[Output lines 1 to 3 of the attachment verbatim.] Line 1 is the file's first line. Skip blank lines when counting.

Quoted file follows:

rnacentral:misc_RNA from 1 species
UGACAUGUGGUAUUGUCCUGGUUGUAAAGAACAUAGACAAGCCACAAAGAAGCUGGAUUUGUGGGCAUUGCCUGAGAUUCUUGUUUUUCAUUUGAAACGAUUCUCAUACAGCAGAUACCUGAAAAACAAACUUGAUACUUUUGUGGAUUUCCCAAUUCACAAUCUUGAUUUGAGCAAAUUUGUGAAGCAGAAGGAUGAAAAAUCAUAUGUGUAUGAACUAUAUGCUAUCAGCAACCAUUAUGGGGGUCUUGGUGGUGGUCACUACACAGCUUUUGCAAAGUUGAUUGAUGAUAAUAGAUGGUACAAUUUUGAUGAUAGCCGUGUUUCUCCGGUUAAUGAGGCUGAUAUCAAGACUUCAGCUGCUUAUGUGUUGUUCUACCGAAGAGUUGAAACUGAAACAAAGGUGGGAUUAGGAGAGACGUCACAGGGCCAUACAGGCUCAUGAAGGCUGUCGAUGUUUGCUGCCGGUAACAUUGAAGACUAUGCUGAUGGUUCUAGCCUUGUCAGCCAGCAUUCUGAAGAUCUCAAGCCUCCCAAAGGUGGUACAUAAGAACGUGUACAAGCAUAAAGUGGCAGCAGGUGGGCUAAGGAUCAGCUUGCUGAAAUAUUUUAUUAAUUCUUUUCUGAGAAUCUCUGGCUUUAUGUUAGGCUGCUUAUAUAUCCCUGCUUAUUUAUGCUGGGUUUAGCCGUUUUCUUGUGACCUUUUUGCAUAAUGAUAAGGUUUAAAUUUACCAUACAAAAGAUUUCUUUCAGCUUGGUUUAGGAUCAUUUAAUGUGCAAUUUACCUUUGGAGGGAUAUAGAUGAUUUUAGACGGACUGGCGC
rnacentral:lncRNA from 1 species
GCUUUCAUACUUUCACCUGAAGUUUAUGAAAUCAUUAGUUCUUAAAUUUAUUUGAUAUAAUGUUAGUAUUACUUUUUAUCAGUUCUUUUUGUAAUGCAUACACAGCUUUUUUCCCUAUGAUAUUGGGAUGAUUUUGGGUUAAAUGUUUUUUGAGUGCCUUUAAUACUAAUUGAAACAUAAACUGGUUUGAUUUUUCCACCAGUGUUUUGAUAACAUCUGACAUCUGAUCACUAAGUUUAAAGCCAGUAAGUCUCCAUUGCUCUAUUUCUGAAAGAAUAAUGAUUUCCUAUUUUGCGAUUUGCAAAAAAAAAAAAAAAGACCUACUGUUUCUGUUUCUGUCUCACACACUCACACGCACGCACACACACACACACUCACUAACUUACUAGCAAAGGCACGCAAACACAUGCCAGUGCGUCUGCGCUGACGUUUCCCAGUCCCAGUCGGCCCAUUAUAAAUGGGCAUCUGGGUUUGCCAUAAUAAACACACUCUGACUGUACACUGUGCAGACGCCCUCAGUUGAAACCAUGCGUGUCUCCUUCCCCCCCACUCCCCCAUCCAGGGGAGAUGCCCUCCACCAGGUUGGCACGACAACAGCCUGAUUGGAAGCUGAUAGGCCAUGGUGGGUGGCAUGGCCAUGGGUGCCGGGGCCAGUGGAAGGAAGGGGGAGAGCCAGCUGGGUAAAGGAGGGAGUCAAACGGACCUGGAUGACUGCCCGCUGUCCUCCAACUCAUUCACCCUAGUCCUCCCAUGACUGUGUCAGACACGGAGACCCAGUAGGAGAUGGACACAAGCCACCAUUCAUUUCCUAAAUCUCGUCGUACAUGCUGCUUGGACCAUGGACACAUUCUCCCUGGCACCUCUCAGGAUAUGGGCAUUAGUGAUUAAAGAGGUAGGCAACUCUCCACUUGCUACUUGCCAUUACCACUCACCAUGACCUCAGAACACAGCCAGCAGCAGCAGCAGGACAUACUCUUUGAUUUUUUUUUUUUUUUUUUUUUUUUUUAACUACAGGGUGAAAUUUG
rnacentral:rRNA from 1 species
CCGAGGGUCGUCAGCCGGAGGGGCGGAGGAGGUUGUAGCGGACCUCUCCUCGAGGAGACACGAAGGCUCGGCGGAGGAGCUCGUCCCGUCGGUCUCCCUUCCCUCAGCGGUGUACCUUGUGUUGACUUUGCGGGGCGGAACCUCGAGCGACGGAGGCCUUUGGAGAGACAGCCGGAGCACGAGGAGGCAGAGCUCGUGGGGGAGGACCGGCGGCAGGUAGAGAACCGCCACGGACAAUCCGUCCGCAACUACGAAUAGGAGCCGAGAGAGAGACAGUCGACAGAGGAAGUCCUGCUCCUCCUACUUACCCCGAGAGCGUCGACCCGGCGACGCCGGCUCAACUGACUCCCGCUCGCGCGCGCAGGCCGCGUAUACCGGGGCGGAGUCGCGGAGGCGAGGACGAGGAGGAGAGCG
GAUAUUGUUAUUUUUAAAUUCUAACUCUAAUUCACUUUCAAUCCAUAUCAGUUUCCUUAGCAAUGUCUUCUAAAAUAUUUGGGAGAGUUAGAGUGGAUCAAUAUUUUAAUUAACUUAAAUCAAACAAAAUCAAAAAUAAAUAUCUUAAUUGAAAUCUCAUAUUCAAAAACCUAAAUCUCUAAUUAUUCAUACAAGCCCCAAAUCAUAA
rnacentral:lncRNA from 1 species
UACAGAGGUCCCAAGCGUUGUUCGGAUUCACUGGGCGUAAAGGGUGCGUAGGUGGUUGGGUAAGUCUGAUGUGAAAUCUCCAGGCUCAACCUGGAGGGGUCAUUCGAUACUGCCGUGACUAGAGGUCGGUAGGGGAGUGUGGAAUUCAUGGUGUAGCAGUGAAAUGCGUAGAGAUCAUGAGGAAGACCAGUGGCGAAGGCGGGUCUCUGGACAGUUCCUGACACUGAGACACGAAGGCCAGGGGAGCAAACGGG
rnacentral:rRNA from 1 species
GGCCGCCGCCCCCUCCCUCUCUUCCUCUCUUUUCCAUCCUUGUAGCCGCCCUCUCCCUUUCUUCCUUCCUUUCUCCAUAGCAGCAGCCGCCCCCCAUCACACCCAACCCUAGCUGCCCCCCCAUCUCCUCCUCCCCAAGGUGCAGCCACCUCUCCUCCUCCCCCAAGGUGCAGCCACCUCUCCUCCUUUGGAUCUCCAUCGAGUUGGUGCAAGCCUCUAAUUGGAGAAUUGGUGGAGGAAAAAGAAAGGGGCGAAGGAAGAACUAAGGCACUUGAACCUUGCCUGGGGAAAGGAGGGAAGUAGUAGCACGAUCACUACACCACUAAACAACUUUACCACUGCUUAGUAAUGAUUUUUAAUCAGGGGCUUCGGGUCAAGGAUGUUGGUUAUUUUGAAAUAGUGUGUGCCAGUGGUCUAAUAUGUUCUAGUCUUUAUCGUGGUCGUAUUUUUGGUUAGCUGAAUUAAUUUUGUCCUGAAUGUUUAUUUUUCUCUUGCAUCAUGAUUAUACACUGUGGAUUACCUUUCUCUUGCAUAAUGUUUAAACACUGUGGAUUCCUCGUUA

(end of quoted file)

rnacentral:misc_RNA from 1 species
UGACAUGUGGUAUUGUCCUGGUUGUAAAGAACAUAGACAAGCCACAAAGAAGCUGGAUUUGUGGGCAUUGCCUGAGAUUCUUGUUUUUCAUUUGAAACGAUUCUCAUACAGCAGAUACCUGAAAAACAAACUUGAUACUUUUGUGGAUUUCCCAAUUCACAAUCUUGAUUUGAGCAAAUUUGUGAAGCAGAAGGAUGAAAAAUCAUAUGUGUAUGAACUAUAUGCUAUCAGCAACCAUUAUGGGGGUCUUGGUGGUGGUCACUACACAGCUUUUGCAAAGUUGAUUGAUGAUAAUAGAUGGUACAAUUUUGAUGAUAGCCGUGUUUCUCCGGUUAAUGAGGCUGAUAUCAAGACUUCAGCUGCUUAUGUGUUGUUCUACCGAAGAGUUGAAACUGAAACAAAGGUGGGAUUAGGAGAGACGUCACAGGGCCAUACAGGCUCAUGAAGGCUGUCGAUGUUUGCUGCCGGUAACAUUGAAGACUAUGCUGAUGGUUCUAGCCUUGUCAGCCAGCAUUCUGAAGAUCUCAAGCCUCCCAAAGGUGGUACAUAAGAACGUGUACAAGCAUAAAGUGGCAGCAGGUGGGCUAAGGAUCAGCUUGCUGAAAUAUUUUAUUAAUUCUUUUCUGAGAAUCUCUGGCUUUAUGUUAGGCUGCUUAUAUAUCCCUGCUUAUUUAUGCUGGGUUUAGCCGUUUUCUUGUGACCUUUUUGCAUAAUGAUAAGGUUUAAAUUUACCAUACAAAAGAUUUCUUUCAGCUUGGUUUAGGAUCAUUUAAUGUGCAAUUUACCUUUGGAGGGAUAUAGAUGAUUUUAGACGGACUGGCGC
rnacentral:lncRNA from 1 species